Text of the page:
This Could Be the Hot New Place to Look for Life on Mars

Noctis Mons has hidden in plain sight for decades, and it may be the perfect home for alien life.

Aerial view of a rugged, textured Martian landscape with undulating terrain and crater impacts.
LEE AT AL. 2024

The newest spot to search for life on Mars could be a collapsed volcano whose layers are sandwiched with the icy remains of ancient glaciers.

Noctis Mons (AKA the Night Mountain, which is an extremely cool name) has been hidden for a long time. Researchers just now recognized the jumbled terrain, in old images from decades of Martian satellites, as the remains of a collapsed volcano. It looks like Noctis Mons was active fairly recently (and it may still erupt again), and its slopes are layered with glacial ice and snow. That may make it the perfect place to search for alien life.

SETI Institute astrobiologist Pascal Lee and his colleagues presented their findings at the recent Lunar and Planetary Science Conference.

Looking down from orbit, Noctis Mons doesn’t immediately look like a volcano, but if you look closely, you can still spot the caldera at its center.

Lee at al. 2024

Fire, Ice, and Alien Life?

Lee and his colleagues recently realized that the strangle jumble of canyons and gently-sloping mesas in images of the Martian equator were actually the remains of a collapsed volcano, eroded and reshaped by glaciers. Looking closer, they spotted old lava flows, fields of pumice and ash, and minerals left by hydrothermal activity. And beneath the uppermost layer of volcanic debris lies a sheet of ice, which gleams here and there through an eroded hole in the thin blanket of volcanic ash that covers it.

Beneath the crumbling slopes of Noctis Mons, fire and ice may have created the perfect environment for life: warm, with plenty of liquid water and chemical nutrients. And since the volcano appears to have been active for a very long time, life has had plenty of opportunity to evolve from the complex chemistry that happens when water and volcanic rock meet.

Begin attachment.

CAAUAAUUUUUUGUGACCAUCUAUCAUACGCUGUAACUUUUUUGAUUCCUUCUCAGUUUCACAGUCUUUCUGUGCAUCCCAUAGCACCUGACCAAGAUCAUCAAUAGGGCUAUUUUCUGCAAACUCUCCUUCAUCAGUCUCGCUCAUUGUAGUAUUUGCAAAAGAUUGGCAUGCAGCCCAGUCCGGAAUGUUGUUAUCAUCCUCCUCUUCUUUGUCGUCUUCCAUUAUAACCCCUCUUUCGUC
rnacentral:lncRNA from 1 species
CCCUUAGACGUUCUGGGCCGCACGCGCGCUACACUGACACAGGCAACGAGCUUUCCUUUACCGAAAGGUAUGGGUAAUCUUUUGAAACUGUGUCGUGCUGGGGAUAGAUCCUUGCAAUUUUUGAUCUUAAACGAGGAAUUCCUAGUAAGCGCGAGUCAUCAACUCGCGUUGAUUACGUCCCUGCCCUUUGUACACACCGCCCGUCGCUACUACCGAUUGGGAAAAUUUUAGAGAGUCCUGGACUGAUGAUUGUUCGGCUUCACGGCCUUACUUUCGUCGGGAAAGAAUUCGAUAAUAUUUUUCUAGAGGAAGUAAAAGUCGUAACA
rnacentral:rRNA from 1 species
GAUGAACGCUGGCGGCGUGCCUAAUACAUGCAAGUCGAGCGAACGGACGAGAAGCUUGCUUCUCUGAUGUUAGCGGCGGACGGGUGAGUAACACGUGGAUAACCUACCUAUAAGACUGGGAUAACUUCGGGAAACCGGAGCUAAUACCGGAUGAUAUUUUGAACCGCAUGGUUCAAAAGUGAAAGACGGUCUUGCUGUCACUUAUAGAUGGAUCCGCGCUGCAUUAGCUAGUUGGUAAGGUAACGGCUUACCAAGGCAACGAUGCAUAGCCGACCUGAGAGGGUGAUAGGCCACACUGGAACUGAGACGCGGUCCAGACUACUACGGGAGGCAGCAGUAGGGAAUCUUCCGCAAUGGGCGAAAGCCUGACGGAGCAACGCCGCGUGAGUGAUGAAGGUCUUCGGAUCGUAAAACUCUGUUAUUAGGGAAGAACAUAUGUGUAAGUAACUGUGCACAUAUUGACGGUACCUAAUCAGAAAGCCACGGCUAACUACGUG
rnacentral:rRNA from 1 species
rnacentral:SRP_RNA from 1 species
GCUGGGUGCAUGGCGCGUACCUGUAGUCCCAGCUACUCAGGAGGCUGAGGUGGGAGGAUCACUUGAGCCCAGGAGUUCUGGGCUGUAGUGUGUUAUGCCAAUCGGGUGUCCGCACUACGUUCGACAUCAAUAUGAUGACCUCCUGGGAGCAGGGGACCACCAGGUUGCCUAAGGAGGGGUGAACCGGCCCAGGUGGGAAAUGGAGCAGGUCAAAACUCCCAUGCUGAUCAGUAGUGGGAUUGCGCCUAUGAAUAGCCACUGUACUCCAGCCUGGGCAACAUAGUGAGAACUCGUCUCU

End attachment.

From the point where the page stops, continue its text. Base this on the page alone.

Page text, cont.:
All around the slopes of Noctis Mons lies a blanket of pumice and volcanic ash. Based on images from a whole series of Martian satellites, from Mariner 9 to the Mars Reconnaissance Orbiter, it’s between 3 and 9 feet thick, and it looks strangely blistered. Here on Earth, when hot volcanic ash lands atop ice, it cools quickly, but hot steam bubbled up beneath the surface, creating blister-like mounds. Where some of these mounds have eroded over time, satellite images reveal the telltale gleam of ice beneath a thin layer of minerals. Lee and his colleagues say the whole 1,900 square mile area of Noctis Mons could lie atop a huge ice sheet left over from one of the last glaciers to pass through the area.

That’s 1,900 square miles of ice interacting with the heat of a volcano, creating pockets and streams of liquid water underground, possibly for billions of years. In other words, it’s a huge Martian oasis that’s potentially perfect for life.

Noctis Mons is also an ideal place for rovers or — someday — astronauts to explore. Because it’s collapsed, what was once a tall, forbidding mountain is now “so deeply eroded that you could hike, drive, or fly through it,” says Lee in a recent statement. And all that glacial ice could support future exploration crews or provide the raw material for rocket fuel (assuming it’s not actually a sensitive alien habitat, that is).

In other words, the place is basically a theme park for astrobiologists.

A Volcano With a Messy Backstory

We don’t know how long ago Noctis Mons formed, but [authors] say it looks like the volcano has been active for a huge stretch of Martian history, and it’s been active fairly recently. It may even still be active today. Olympus Mons, the largest volcano in our Solar System, formed about 3.5 billion years ago and stayed active for millions of years, longer than any volcano here on Earth, but Noctis Mons may turn out to beat its neighbor’s impressive streak.

Noctis Mons was once a wide, gently-sloping mountain, built up over time from layers of lava and pyroclastic debris (small grains of volcanic ash and larger chunks of pumice). Between those layers of volcanic rock lay sheets of ice: some compacted snow that fell on the volcano’s slopes and some thick glaciers, all buried beneath the next eruption.

At some point, the magma welling up through cracks and fissures in the mountain melted all of that ice, causing the slopes of the volcano to collapse. Today, the summit is now just a partial ring of mesas, which slope gently downward. From above, it looks like a wide ring of broken rock, crossed by lava flows and cut by deep, glacier-carved canyons.

And someday it just might be the place where we discover we’re not alone in the Solar System.

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